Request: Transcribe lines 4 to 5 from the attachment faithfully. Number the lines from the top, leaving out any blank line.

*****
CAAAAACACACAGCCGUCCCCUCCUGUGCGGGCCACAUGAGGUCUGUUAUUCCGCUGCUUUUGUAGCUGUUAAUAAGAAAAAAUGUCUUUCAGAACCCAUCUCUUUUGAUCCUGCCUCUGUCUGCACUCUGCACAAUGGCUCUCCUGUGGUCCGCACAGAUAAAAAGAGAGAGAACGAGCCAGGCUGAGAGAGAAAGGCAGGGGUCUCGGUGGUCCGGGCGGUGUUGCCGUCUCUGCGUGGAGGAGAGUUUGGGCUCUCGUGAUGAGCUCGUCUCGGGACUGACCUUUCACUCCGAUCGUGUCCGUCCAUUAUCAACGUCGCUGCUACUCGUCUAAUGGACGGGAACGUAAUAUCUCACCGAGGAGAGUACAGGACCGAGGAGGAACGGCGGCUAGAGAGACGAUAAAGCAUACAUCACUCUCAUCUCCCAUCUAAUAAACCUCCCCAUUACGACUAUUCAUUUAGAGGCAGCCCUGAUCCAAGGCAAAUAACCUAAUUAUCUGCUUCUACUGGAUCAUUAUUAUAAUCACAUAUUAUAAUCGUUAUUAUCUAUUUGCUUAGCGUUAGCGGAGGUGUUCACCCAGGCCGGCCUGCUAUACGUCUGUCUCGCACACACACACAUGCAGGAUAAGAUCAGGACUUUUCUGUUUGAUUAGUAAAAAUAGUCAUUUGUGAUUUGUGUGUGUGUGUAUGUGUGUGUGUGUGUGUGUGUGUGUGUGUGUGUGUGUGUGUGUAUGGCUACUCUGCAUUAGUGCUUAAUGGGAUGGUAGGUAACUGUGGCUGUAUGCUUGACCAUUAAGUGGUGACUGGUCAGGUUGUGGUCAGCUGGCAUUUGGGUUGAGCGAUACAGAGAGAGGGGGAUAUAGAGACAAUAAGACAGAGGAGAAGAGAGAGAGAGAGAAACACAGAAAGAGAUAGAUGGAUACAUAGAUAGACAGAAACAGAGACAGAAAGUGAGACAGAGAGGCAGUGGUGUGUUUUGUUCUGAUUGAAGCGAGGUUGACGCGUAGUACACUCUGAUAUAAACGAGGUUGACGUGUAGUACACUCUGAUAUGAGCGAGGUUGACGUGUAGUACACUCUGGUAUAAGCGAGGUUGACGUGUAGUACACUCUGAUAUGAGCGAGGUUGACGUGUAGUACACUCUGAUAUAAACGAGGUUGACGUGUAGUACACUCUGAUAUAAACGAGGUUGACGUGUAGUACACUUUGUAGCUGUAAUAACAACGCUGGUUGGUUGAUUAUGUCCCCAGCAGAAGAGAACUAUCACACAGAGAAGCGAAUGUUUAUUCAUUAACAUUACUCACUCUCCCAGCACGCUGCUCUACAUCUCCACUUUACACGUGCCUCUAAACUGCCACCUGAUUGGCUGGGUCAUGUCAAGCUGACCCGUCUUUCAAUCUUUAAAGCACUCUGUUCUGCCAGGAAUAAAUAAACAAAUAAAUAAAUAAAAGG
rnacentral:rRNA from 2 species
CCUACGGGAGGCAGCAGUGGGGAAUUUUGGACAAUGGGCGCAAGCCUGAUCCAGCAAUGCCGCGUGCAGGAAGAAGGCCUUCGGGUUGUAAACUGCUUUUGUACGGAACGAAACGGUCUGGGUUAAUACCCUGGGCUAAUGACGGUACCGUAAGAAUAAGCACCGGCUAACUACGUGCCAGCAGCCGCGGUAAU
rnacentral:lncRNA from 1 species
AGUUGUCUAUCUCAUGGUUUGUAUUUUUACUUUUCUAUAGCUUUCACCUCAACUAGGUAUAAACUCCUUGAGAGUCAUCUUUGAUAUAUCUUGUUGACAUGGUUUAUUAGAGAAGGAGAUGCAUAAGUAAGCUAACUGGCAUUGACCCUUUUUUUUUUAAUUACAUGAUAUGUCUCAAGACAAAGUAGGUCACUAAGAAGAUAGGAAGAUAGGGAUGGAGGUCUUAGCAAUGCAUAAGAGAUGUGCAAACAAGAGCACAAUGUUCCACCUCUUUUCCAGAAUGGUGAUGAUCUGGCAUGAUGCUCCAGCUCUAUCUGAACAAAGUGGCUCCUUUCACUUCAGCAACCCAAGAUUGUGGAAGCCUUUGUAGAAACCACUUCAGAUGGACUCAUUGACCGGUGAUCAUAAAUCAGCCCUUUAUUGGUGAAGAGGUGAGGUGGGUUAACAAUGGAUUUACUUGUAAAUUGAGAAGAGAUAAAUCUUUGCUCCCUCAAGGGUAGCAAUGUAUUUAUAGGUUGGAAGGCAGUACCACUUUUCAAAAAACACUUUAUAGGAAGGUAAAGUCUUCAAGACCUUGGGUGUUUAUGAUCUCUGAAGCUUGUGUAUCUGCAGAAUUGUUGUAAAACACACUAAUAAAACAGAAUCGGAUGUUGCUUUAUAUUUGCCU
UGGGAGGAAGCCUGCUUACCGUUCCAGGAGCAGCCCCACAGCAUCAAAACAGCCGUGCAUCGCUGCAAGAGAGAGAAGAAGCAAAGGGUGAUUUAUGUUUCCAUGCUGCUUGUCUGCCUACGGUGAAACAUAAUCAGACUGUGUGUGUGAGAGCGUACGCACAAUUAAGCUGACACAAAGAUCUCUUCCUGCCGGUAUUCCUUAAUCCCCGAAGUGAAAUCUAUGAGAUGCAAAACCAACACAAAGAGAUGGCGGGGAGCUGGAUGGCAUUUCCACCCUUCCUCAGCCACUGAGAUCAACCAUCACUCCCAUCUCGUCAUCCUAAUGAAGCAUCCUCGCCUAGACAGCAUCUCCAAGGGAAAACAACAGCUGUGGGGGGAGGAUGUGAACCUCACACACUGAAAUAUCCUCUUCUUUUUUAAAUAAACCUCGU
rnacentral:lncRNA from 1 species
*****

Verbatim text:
rnacentral:lncRNA from 1 species
AGUUGUCUAUCUCAUGGUUUGUAUUUUUACUUUUCUAUAGCUUUCACCUCAACUAGGUAUAAACUCCUUGAGAGUCAUCUUUGAUAUAUCUUGUUGACAUGGUUUAUUAGAGAAGGAGAUGCAUAAGUAAGCUAACUGGCAUUGACCCUUUUUUUUUUAAUUACAUGAUAUGUCUCAAGACAAAGUAGGUCACUAAGAAGAUAGGAAGAUAGGGAUGGAGGUCUUAGCAAUGCAUAAGAGAUGUGCAAACAAGAGCACAAUGUUCCACCUCUUUUCCAGAAUGGUGAUGAUCUGGCAUGAUGCUCCAGCUCUAUCUGAACAAAGUGGCUCCUUUCACUUCAGCAACCCAAGAUUGUGGAAGCCUUUGUAGAAACCACUUCAGAUGGACUCAUUGACCGGUGAUCAUAAAUCAGCCCUUUAUUGGUGAAGAGGUGAGGUGGGUUAACAAUGGAUUUACUUGUAAAUUGAGAAGAGAUAAAUCUUUGCUCCCUCAAGGGUAGCAAUGUAUUUAUAGGUUGGAAGGCAGUACCACUUUUCAAAAAACACUUUAUAGGAAGGUAAAGUCUUCAAGACCUUGGGUGUUUAUGAUCUCUGAAGCUUGUGUAUCUGCAGAAUUGUUGUAAAACACACUAAUAAAACAGAAUCGGAUGUUGCUUUAUAUUUGCCU